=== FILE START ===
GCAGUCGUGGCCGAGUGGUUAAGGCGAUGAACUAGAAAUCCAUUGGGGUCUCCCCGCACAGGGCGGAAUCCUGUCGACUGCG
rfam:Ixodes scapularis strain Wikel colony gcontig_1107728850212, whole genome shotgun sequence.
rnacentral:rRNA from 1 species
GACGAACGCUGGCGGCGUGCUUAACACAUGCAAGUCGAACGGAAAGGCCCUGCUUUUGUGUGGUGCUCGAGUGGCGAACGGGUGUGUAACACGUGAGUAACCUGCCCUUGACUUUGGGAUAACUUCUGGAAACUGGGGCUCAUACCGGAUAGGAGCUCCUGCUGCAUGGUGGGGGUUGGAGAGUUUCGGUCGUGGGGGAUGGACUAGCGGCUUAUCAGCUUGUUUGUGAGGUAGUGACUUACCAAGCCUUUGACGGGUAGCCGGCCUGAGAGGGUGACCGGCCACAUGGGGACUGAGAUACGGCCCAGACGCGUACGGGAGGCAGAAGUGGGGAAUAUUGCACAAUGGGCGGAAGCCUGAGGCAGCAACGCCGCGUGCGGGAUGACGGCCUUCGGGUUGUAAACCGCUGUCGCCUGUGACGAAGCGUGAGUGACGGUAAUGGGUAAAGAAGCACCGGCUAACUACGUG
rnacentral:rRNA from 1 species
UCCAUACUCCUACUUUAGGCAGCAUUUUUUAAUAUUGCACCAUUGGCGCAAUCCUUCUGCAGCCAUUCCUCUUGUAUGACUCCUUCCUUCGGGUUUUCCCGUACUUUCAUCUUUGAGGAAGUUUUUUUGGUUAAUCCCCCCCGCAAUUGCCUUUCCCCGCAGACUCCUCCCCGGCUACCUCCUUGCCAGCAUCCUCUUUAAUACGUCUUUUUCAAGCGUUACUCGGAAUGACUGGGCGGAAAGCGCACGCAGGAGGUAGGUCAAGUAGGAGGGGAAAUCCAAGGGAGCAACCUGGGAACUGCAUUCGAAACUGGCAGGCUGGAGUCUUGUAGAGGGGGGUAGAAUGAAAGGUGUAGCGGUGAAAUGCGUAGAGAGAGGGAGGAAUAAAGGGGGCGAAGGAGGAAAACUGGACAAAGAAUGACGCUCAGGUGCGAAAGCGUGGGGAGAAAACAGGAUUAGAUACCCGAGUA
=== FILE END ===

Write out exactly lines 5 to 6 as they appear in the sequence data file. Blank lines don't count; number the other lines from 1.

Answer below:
rnacentral:rRNA from 1 species
UCCAUACUCCUACUUUAGGCAGCAUUUUUUAAUAUUGCACCAUUGGCGCAAUCCUUCUGCAGCCAUUCCUCUUGUAUGACUCCUUCCUUCGGGUUUUCCCGUACUUUCAUCUUUGAGGAAGUUUUUUUGGUUAAUCCCCCCCGCAAUUGCCUUUCCCCGCAGACUCCUCCCCGGCUACCUCCUUGCCAGCAUCCUCUUUAAUACGUCUUUUUCAAGCGUUACUCGGAAUGACUGGGCGGAAAGCGCACGCAGGAGGUAGGUCAAGUAGGAGGGGAAAUCCAAGGGAGCAACCUGGGAACUGCAUUCGAAACUGGCAGGCUGGAGUCUUGUAGAGGGGGGUAGAAUGAAAGGUGUAGCGGUGAAAUGCGUAGAGAGAGGGAGGAAUAAAGGGGGCGAAGGAGGAAAACUGGACAAAGAAUGACGCUCAGGUGCGAAAGCGUGGGGAGAAAACAGGAUUAGAUACCCGAGUA